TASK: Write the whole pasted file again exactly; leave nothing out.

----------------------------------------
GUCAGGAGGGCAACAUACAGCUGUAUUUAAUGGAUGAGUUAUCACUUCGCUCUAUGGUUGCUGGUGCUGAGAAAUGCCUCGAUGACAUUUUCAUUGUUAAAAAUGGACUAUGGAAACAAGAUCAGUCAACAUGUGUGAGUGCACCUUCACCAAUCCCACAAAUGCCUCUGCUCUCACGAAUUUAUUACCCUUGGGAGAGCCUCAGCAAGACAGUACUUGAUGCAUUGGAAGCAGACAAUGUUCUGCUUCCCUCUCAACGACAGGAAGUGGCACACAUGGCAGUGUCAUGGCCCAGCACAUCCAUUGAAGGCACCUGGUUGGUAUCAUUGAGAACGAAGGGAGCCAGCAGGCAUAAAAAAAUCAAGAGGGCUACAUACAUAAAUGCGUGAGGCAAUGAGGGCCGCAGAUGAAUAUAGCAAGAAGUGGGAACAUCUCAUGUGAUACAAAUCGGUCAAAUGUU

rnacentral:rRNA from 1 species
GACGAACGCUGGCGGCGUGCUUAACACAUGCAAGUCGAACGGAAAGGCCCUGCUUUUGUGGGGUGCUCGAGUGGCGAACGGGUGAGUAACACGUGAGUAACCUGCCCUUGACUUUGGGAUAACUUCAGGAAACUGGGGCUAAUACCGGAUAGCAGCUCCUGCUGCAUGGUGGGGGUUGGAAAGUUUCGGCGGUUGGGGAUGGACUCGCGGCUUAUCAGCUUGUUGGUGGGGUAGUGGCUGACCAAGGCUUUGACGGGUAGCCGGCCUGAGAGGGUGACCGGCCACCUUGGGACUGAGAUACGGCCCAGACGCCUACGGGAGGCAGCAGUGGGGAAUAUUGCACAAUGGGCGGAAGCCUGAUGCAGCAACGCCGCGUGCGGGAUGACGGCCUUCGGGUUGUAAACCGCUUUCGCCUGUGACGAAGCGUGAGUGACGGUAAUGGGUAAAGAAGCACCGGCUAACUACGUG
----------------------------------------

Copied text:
GUCAGGAGGGCAACAUACAGCUGUAUUUAAUGGAUGAGUUAUCACUUCGCUCUAUGGUUGCUGGUGCUGAGAAAUGCCUCGAUGACAUUUUCAUUGUUAAAAAUGGACUAUGGAAACAAGAUCAGUCAACAUGUGUGAGUGCACCUUCACCAAUCCCACAAAUGCCUCUGCUCUCACGAAUUUAUUACCCUUGGGAGAGCCUCAGCAAGACAGUACUUGAUGCAUUGGAAGCAGACAAUGUUCUGCUUCCCUCUCAACGACAGGAAGUGGCACACAUGGCAGUGUCAUGGCCCAGCACAUCCAUUGAAGGCACCUGGUUGGUAUCAUUGAGAACGAAGGGAGCCAGCAGGCAUAAAAAAAUCAAGAGGGCUACAUACAUAAAUGCGUGAGGCAAUGAGGGCCGCAGAUGAAUAUAGCAAGAAGUGGGAACAUCUCAUGUGAUACAAAUCGGUCAAAUGUU

rnacentral:rRNA from 1 species
GACGAACGCUGGCGGCGUGCUUAACACAUGCAAGUCGAACGGAAAGGCCCUGCUUUUGUGGGGUGCUCGAGUGGCGAACGGGUGAGUAACACGUGAGUAACCUGCCCUUGACUUUGGGAUAACUUCAGGAAACUGGGGCUAAUACCGGAUAGCAGCUCCUGCUGCAUGGUGGGGGUUGGAAAGUUUCGGCGGUUGGGGAUGGACUCGCGGCUUAUCAGCUUGUUGGUGGGGUAGUGGCUGACCAAGGCUUUGACGGGUAGCCGGCCUGAGAGGGUGACCGGCCACCUUGGGACUGAGAUACGGCCCAGACGCCUACGGGAGGCAGCAGUGGGGAAUAUUGCACAAUGGGCGGAAGCCUGAUGCAGCAACGCCGCGUGCGGGAUGACGGCCUUCGGGUUGUAAACCGCUUUCGCCUGUGACGAAGCGUGAGUGACGGUAAUGGGUAAAGAAGCACCGGCUAACUACGUG